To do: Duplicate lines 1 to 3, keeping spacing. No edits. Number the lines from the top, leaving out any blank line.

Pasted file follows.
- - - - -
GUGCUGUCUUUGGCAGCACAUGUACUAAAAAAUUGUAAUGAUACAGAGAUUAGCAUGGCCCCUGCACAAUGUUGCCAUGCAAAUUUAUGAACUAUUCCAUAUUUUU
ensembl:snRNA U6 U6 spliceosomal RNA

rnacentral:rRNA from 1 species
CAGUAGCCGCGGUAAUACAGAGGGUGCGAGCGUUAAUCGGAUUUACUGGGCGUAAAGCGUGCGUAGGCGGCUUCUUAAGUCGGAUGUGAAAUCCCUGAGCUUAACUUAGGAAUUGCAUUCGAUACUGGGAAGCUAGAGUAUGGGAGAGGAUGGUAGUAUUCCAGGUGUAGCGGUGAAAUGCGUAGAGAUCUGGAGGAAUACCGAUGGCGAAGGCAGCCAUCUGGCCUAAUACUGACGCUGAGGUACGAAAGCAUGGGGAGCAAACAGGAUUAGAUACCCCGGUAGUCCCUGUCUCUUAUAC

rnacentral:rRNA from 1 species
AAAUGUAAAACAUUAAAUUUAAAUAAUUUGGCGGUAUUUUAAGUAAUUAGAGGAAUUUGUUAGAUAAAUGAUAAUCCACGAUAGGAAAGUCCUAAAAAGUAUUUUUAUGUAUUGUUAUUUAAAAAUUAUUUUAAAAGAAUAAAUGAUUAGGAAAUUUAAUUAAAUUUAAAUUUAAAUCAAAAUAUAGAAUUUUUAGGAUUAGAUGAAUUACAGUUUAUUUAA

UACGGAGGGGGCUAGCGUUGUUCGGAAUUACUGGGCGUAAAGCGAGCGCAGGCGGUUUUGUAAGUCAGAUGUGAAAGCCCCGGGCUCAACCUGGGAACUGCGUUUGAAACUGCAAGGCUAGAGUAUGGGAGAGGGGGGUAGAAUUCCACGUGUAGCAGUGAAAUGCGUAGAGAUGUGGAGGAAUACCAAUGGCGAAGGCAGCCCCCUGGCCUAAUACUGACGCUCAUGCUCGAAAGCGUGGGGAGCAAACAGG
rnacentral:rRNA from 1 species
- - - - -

GUGCUGUCUUUGGCAGCACAUGUACUAAAAAAUUGUAAUGAUACAGAGAUUAGCAUGGCCCCUGCACAAUGUUGCCAUGCAAAUUUAUGAACUAUUCCAUAUUUUU
ensembl:snRNA U6 U6 spliceosomal RNA

rnacentral:rRNA from 1 species